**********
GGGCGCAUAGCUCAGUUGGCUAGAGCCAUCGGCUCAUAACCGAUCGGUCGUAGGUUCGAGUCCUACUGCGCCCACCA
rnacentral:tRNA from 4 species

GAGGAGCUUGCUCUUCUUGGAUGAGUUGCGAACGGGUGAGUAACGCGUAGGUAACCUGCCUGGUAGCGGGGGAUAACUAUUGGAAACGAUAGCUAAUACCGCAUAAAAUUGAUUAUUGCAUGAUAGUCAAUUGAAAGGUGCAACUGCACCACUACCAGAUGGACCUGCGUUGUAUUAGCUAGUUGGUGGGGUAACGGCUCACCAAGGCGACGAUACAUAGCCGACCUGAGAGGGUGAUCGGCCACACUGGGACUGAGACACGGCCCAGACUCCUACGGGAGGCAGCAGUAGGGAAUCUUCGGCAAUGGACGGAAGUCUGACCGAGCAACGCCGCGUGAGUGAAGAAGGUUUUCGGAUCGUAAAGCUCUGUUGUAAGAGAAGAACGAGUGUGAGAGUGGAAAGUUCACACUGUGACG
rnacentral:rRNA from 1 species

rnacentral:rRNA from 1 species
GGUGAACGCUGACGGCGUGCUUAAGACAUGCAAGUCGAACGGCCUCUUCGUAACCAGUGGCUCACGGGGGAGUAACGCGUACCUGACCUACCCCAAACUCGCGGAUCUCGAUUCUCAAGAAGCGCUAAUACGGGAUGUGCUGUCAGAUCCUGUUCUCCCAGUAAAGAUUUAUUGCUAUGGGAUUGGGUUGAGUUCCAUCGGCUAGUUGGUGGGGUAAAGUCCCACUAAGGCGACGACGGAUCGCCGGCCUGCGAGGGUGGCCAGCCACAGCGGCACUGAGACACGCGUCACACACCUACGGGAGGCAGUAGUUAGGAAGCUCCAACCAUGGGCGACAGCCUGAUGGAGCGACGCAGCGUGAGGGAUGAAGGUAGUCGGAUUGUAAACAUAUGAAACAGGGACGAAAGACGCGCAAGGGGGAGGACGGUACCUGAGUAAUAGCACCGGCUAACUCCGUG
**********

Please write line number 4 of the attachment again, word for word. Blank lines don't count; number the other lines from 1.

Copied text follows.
rnacentral:rRNA from 1 species